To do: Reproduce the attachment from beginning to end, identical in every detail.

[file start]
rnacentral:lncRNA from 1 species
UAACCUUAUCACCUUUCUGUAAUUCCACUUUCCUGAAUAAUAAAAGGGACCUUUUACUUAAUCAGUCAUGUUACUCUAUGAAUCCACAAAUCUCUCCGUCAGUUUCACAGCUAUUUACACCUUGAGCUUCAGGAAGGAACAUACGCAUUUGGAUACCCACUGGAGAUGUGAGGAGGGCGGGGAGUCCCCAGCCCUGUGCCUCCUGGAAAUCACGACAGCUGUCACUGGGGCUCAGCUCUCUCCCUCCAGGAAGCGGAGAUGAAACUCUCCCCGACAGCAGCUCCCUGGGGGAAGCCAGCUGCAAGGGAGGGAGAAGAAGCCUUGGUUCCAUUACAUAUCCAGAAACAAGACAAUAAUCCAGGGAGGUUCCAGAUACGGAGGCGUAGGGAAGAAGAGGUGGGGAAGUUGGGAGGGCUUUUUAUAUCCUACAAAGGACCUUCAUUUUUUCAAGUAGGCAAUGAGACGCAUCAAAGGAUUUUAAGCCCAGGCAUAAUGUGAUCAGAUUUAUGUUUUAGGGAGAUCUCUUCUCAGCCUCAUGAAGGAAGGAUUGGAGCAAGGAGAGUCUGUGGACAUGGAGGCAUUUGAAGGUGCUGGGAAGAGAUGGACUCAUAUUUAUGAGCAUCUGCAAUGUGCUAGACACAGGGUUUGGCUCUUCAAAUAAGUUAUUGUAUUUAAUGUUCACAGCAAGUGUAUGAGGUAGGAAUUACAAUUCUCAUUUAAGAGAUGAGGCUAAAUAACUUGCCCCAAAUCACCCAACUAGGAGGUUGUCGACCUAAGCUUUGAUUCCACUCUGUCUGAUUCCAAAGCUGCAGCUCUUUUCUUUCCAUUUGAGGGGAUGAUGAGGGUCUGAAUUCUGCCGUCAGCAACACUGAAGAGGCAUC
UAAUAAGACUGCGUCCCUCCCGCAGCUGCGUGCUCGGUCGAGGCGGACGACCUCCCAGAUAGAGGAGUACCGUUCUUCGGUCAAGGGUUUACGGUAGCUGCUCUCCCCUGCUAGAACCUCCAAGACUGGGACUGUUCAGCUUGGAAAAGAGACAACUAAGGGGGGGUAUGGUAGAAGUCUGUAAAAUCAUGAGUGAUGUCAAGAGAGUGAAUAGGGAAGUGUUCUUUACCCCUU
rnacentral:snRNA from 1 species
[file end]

rnacentral:lncRNA from 1 species
UAACCUUAUCACCUUUCUGUAAUUCCACUUUCCUGAAUAAUAAAAGGGACCUUUUACUUAAUCAGUCAUGUUACUCUAUGAAUCCACAAAUCUCUCCGUCAGUUUCACAGCUAUUUACACCUUGAGCUUCAGGAAGGAACAUACGCAUUUGGAUACCCACUGGAGAUGUGAGGAGGGCGGGGAGUCCCCAGCCCUGUGCCUCCUGGAAAUCACGACAGCUGUCACUGGGGCUCAGCUCUCUCCCUCCAGGAAGCGGAGAUGAAACUCUCCCCGACAGCAGCUCCCUGGGGGAAGCCAGCUGCAAGGGAGGGAGAAGAAGCCUUGGUUCCAUUACAUAUCCAGAAACAAGACAAUAAUCCAGGGAGGUUCCAGAUACGGAGGCGUAGGGAAGAAGAGGUGGGGAAGUUGGGAGGGCUUUUUAUAUCCUACAAAGGACCUUCAUUUUUUCAAGUAGGCAAUGAGACGCAUCAAAGGAUUUUAAGCCCAGGCAUAAUGUGAUCAGAUUUAUGUUUUAGGGAGAUCUCUUCUCAGCCUCAUGAAGGAAGGAUUGGAGCAAGGAGAGUCUGUGGACAUGGAGGCAUUUGAAGGUGCUGGGAAGAGAUGGACUCAUAUUUAUGAGCAUCUGCAAUGUGCUAGACACAGGGUUUGGCUCUUCAAAUAAGUUAUUGUAUUUAAUGUUCACAGCAAGUGUAUGAGGUAGGAAUUACAAUUCUCAUUUAAGAGAUGAGGCUAAAUAACUUGCCCCAAAUCACCCAACUAGGAGGUUGUCGACCUAAGCUUUGAUUCCACUCUGUCUGAUUCCAAAGCUGCAGCUCUUUUCUUUCCAUUUGAGGGGAUGAUGAGGGUCUGAAUUCUGCCGUCAGCAACACUGAAGAGGCAUC
UAAUAAGACUGCGUCCCUCCCGCAGCUGCGUGCUCGGUCGAGGCGGACGACCUCCCAGAUAGAGGAGUACCGUUCUUCGGUCAAGGGUUUACGGUAGCUGCUCUCCCCUGCUAGAACCUCCAAGACUGGGACUGUUCAGCUUGGAAAAGAGACAACUAAGGGGGGGUAUGGUAGAAGUCUGUAAAAUCAUGAGUGAUGUCAAGAGAGUGAAUAGGGAAGUGUUCUUUACCCCUU
rnacentral:snRNA from 1 species